Central Bank Digital Currencies: A New Era Begins with CBDC

CBDC is something that every central bank is looking at closely

The way we saw making payments a decade ago is different from today. Fast-forward to 2021; new technologies have utterly transformed the payments space. We swapped cash for cards. Payment service providers such as Visa and Mastercard have become an integral part of our daily lives. We are shopping online and paying electronically. We discovered PayPal, Apple Pay, and Alipay on our phones. When was the last time you paid using cash? Not sure? It’s totally fine!

From Cryptocurrency and DLT to CDBCs

We are in the era of digital payments and cryptocurrencies. A step forward, now we hear CBDC — central bank digital currency. CBDC is evolving every day. From decentralized digital currencies such as Bitcoin (BTC) and Ethereum (ETH), central bank digital currencies began to play a crucial role in the digital currency world. The advent of distributed ledger technology, short for DLT, spurred a wave of research on introducing central bank digital currencies. All eyes on it!

Like other forms of cryptocurrency, CBDCs are also the virtual currency that uses an electronic record to represent a physical currency. Unlike cryptocurrencies, CBDCs are issued and regulated by a country’s monetary authority. In contrast, cryptocurrencies are decentralized and unregulated. The new, non-traditional digital currency innovation from central banks seems to transform financial transactions. Not sure when!

CBDC represents a new era for the traditional central bank money exchanges. It is a significant move from metallic coins, banknotes to money on mobile. The central banks are looking at expanding the CBDC projects that eventually contributed to the digital economy. It is mostly about unifying digital assets and funds. CBDCs enable easy and simple token swaps to allow instant and atomic transactions that eliminate the trading risks.

Privacy and security are the primary concerns

“In the US and Germany, over 70% of respondents prioritized privacy as the essential feature of a putative CBDC.”

So, since it is a customer-oriented market economy and the customer is always right, CBDC would have to replicate cash? If this being a fundamental objective to a CBDC project, then how is it to be accepted? Citizens are usually concerned with tax evasion, money laundering, or terrorist financing. At times, honest taxpayers may also feel hard on why is it to be shown on how they’ve spent their hard-earned money to the government or a central bank? “Give me liberty.” However, CBDCs might also create immense opportunities by bringing innovations to the table. But the major challenge is to convince the citizens to switch from physical cash to electronic cash. There are complexities, questions, and challenges for CBDCs. The existence of cash might also remain a big question.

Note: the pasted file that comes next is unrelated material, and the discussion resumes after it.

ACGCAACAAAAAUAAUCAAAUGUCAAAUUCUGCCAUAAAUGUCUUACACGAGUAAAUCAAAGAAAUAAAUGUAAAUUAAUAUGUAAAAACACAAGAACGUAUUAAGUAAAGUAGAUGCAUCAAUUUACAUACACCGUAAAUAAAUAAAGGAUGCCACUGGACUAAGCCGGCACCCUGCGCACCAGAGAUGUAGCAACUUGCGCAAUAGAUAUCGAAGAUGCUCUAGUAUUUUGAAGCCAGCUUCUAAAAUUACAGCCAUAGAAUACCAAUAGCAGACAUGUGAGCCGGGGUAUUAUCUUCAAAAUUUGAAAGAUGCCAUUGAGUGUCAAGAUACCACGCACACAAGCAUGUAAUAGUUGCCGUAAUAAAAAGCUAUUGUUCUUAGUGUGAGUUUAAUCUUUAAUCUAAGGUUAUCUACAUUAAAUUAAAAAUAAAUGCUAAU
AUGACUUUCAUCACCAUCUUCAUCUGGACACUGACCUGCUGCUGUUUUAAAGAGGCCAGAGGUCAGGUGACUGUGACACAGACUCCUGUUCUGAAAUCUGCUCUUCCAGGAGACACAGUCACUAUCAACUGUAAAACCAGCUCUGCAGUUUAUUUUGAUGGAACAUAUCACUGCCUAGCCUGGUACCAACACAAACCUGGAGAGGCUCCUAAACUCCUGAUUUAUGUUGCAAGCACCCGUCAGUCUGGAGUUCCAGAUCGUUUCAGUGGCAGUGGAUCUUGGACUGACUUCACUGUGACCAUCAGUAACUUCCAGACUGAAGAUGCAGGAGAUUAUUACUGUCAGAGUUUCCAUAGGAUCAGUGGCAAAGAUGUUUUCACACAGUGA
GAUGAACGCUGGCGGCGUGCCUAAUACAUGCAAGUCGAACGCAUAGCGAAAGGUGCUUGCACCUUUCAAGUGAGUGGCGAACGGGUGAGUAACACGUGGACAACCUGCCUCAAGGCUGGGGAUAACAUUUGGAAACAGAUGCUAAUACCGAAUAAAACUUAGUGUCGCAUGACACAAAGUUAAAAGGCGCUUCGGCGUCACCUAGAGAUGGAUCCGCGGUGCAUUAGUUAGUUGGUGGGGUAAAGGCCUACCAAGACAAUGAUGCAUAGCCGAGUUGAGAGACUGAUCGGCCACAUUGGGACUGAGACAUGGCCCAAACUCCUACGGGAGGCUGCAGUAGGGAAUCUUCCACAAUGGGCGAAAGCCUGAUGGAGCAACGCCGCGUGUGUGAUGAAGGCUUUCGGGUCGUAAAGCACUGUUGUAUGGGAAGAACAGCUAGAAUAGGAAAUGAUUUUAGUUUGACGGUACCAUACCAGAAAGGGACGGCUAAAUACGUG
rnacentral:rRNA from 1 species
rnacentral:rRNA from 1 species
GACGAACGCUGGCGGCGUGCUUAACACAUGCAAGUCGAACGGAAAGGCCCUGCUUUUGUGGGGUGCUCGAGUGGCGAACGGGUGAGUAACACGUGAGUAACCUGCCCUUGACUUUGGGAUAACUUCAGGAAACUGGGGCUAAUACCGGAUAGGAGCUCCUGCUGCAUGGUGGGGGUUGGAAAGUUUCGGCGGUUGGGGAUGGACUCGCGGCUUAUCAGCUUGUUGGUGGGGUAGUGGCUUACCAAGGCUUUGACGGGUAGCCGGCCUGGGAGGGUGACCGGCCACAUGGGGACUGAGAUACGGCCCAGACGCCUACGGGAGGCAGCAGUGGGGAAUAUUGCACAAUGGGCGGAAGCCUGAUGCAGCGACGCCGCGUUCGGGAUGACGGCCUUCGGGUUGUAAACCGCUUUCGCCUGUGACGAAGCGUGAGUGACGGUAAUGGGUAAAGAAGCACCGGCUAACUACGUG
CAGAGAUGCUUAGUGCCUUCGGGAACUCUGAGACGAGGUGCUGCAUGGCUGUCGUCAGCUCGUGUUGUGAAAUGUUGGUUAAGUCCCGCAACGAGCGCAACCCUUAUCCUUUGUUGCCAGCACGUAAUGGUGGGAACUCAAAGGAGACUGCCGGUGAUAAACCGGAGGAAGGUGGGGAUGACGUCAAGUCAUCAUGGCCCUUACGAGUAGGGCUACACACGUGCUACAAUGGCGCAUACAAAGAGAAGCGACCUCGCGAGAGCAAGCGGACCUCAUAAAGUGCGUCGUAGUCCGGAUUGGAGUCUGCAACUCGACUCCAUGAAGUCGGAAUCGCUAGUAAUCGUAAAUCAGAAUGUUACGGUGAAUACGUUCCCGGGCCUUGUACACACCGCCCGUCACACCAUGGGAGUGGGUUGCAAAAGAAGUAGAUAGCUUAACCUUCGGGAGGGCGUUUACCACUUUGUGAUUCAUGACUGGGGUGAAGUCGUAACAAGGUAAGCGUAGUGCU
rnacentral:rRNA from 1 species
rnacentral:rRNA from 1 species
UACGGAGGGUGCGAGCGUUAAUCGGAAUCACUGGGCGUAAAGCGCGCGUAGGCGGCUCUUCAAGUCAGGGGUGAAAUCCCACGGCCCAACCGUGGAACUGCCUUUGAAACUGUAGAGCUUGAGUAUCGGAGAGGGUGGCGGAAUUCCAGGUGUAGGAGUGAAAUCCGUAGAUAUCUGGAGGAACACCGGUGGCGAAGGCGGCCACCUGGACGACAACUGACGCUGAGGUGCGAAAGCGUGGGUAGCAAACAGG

Countries and CBDCs

Well, the growing interest in CBDC appears to be the first step to advance in emerging economies. While China, Cambodia, and The Bahamas are leading in the project, the UK, Europe, and the USA also show a keen interest in developing their own CBDC.

China is at the forefront of becoming the first major economy to launch CBDC. It had filed more than 120 patent applications for its official digital currency, more than any other country. Pilots began regionally, and rumors spread across on the national launch of its digital currency by 2022. The Bahamas is also in a fast-paced race, closely followed by Cambodia.

“No wholesale CBDC projects have launched yet, but nearly 70% are running pilots. Only 23% retail projects have reached this stage.”

CBDC: Pros or Cons?

A citizen doesn’t need to be a part of the banking ecosystem. Unlike traditional banking with a bank account, debit, or credit cards, citizens with the phone on them can actively participate in the CBDC revolution.

The best argument is that CBDC will help prevent illicit or fraudulent activities by making it easier to track the exact location of a unit of currency. But there’s a question of one’s privacy as the government could obtain private individual spending data.

The other drawback is that CBDC could harm the poor, rural and elderly communities due to its cashless society. These communities dependent on cash and might not be able to access digital currencies quickly.

The primary question arises when CBDC is live, what would happen to the commercial banks? Will, they still hold power, and what would be the interest rate adjustments? These are yet to be answered or addressed by the governments before switching to a cashless society.

Creating a dedicated ecosystem for payments and financing by establishing concrete trust and ensuring full security.